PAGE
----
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Media law: one year after the uproar

December 5th, 2011

Pro-government journalists look back on the year since the introduction of the new media law in 2010. They contend that the dark predictions of the left – inside and outside Hungary – about possible censorship have proven unfounded.

“A year ago … the new media law stirred up an unprecedented international storm of indignation. … The fearmongers, scared of the right-wing government … declared the freedom of the press dead, well before the new regulation came into force,” writes János Csontos in Magyar Nemzet, in his report on a Media Conference held in Balatonalmádi in late November.

In 2010 December, the Hungarian opposition parties and the left-leaning media harshly criticized the new media law introduced by the Fidesz government. Leading left-wing dailies and weeklies were published with blank covers in protest against the new regulations.  Foreign media outlets also picked up on the issue and voiced their concern over the new law. According to the critics, the new regulations  provide the Hungarian Media Authority with enough power to curb freedom of speech as well as to effectively censor media outlets (electronic, print and online) critical of the government, through administrative measures and excessive fines.

The statistics suggest that the fearmongering has been proven unfounded, Csontos believes. As far as fines are concerned, the Hungarian Media Authority has issued only one third of the number its predecessor imposed on media outlets a year before. “Even the representatives of commercial television channels have had to admit that their fears were unfounded,” Csontos writes.

The right-wing commentator also believes that the restructuring of the public media (see BudaPost July 9) has proven mostly successful. Despite the significant lay-offs and rationalization, the ratings of Hungarian Public Television in October increased by a third.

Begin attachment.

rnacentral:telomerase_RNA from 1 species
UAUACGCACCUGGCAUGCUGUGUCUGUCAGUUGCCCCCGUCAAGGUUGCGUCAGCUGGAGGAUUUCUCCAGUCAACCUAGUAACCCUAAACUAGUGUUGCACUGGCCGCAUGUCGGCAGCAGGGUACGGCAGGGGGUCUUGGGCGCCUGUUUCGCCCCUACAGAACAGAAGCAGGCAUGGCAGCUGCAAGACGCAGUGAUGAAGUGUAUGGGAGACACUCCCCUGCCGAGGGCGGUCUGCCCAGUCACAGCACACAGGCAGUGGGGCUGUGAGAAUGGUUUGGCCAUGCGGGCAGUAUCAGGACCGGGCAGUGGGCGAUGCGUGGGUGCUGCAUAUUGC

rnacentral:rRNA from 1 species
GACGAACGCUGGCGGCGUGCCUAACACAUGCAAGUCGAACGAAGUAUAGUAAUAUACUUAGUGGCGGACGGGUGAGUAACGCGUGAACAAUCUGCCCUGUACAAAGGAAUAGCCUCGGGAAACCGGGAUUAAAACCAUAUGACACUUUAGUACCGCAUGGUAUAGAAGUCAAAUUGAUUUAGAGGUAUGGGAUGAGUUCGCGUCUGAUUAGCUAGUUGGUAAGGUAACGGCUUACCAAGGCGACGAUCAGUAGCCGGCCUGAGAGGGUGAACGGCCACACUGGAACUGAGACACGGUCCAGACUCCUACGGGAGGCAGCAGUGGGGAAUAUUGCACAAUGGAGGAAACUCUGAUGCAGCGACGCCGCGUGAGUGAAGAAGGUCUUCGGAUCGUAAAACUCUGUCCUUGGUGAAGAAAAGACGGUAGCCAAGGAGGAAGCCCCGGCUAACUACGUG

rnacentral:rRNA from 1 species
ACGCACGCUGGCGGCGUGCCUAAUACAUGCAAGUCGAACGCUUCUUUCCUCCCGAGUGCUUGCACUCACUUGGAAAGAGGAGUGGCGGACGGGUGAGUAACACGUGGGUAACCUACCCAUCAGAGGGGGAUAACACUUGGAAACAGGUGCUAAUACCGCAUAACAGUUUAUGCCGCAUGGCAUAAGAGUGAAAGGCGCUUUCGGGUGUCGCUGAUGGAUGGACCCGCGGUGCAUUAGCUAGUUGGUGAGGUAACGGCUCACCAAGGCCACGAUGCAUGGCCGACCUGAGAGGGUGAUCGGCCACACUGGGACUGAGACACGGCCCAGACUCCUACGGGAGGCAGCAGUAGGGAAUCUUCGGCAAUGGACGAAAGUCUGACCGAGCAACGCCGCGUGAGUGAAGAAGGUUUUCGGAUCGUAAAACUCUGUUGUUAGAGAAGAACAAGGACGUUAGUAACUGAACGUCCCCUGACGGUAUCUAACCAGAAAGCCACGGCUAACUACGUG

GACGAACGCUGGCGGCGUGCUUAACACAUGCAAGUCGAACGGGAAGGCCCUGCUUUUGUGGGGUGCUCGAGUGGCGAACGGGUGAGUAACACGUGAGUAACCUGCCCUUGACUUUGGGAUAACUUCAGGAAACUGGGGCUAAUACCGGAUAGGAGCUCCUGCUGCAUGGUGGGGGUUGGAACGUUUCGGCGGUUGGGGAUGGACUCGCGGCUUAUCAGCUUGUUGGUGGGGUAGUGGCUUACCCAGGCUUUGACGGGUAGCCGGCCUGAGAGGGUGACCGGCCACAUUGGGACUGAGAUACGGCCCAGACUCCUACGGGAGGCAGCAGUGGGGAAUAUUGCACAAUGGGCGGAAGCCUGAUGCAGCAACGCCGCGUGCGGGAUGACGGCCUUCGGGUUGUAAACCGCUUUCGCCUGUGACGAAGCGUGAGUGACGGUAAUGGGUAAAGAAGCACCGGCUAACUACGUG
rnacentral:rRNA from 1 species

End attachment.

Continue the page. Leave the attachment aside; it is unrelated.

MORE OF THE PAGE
“The fears of the left have proven to be wrong, but the hopes of the right have also  proven to be illusory. The media law passed a year ago does not empower the Media Council to ban newspapers, but it is not an effective tool for cleaning up the mess in the tabloid media either,” writes András Stumpf in his own assessment of the impact of the legislation in Heti Válasz.

Stumpf remarks that the Media Council in 2011 signed an agreement with representatives of the Association of Hungarian Content Providers. According to this agreement, the representatives of the media should themselves apply the new regulations and decide if any media outlets violate the principles outlined in the Media Law. This practically means that the Media Council, whose members are elected by Parliament, cannot exercise direct political influence over the media.

It is no surprise that there has been just one single case in which the Association of Hungarian Content Providers found that the media law was violated, Stumpf notes. An e-mail provider popular among underage Hungarians was criticised for posting a link to an article discussing adult content, without a warning. But even in this case no fine was imposed.

There are, however, some worrying issues related to the media, Stumpf adds. He finds it highly problematic that in one case the police ordered Tamás Bodoky, the editor-in-chief of the atlatszo.hu investigative reporting site, to name some of its sources, or face criminal charges. But even this unacceptable situation is not directly related to the media law, since in Bodoky’s case the criminal code is being applied.

The real shortcoming of the media regulation lies in its inability to stand up to the all-pervasive tabloid and celebrity culture, Stumpf believes. The Media Council tries to penalize commercial TV-channels for obscene content, but the commercial channels turn to the courts for legal redress, and by doing so they successfully delay the payment of fines to the distant future.

As BudaPost reported on Friday, in another article Stumpf did express doubts about the independence of public broadcasting, but the structures and appointments in that sphere are regulated by a separate law.

The left-leaning papers have not yet commented on the Media Conference.